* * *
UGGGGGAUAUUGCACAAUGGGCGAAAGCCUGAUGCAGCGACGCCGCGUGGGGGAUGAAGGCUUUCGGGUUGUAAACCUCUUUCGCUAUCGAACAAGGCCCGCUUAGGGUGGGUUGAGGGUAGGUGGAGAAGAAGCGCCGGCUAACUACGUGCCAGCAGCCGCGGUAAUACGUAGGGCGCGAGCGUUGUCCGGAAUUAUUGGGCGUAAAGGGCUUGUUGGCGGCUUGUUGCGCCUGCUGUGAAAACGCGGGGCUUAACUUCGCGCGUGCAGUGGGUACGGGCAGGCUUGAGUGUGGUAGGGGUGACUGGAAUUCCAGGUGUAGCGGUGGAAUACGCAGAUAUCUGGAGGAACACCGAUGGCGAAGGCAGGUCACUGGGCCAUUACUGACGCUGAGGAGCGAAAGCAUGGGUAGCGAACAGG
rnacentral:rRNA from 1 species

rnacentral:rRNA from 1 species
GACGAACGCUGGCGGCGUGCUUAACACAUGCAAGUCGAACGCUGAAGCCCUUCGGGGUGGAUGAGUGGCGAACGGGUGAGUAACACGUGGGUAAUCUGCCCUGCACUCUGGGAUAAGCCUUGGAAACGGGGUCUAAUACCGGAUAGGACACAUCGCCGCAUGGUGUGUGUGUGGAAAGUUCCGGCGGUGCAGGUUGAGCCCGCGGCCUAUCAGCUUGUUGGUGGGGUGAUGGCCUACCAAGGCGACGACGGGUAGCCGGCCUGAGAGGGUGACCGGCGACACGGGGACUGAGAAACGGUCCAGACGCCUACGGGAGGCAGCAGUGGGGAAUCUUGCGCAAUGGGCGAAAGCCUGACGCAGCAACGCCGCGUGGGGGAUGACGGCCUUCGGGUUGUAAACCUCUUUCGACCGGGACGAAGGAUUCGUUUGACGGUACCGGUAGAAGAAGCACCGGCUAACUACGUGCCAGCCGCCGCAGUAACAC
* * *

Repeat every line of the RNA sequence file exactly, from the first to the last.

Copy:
UGGGGGAUAUUGCACAAUGGGCGAAAGCCUGAUGCAGCGACGCCGCGUGGGGGAUGAAGGCUUUCGGGUUGUAAACCUCUUUCGCUAUCGAACAAGGCCCGCUUAGGGUGGGUUGAGGGUAGGUGGAGAAGAAGCGCCGGCUAACUACGUGCCAGCAGCCGCGGUAAUACGUAGGGCGCGAGCGUUGUCCGGAAUUAUUGGGCGUAAAGGGCUUGUUGGCGGCUUGUUGCGCCUGCUGUGAAAACGCGGGGCUUAACUUCGCGCGUGCAGUGGGUACGGGCAGGCUUGAGUGUGGUAGGGGUGACUGGAAUUCCAGGUGUAGCGGUGGAAUACGCAGAUAUCUGGAGGAACACCGAUGGCGAAGGCAGGUCACUGGGCCAUUACUGACGCUGAGGAGCGAAAGCAUGGGUAGCGAACAGG
rnacentral:rRNA from 1 species

rnacentral:rRNA from 1 species
GACGAACGCUGGCGGCGUGCUUAACACAUGCAAGUCGAACGCUGAAGCCCUUCGGGGUGGAUGAGUGGCGAACGGGUGAGUAACACGUGGGUAAUCUGCCCUGCACUCUGGGAUAAGCCUUGGAAACGGGGUCUAAUACCGGAUAGGACACAUCGCCGCAUGGUGUGUGUGUGGAAAGUUCCGGCGGUGCAGGUUGAGCCCGCGGCCUAUCAGCUUGUUGGUGGGGUGAUGGCCUACCAAGGCGACGACGGGUAGCCGGCCUGAGAGGGUGACCGGCGACACGGGGACUGAGAAACGGUCCAGACGCCUACGGGAGGCAGCAGUGGGGAAUCUUGCGCAAUGGGCGAAAGCCUGACGCAGCAACGCCGCGUGGGGGAUGACGGCCUUCGGGUUGUAAACCUCUUUCGACCGGGACGAAGGAUUCGUUUGACGGUACCGGUAGAAGAAGCACCGGCUAACUACGUGCCAGCCGCCGCAGUAACAC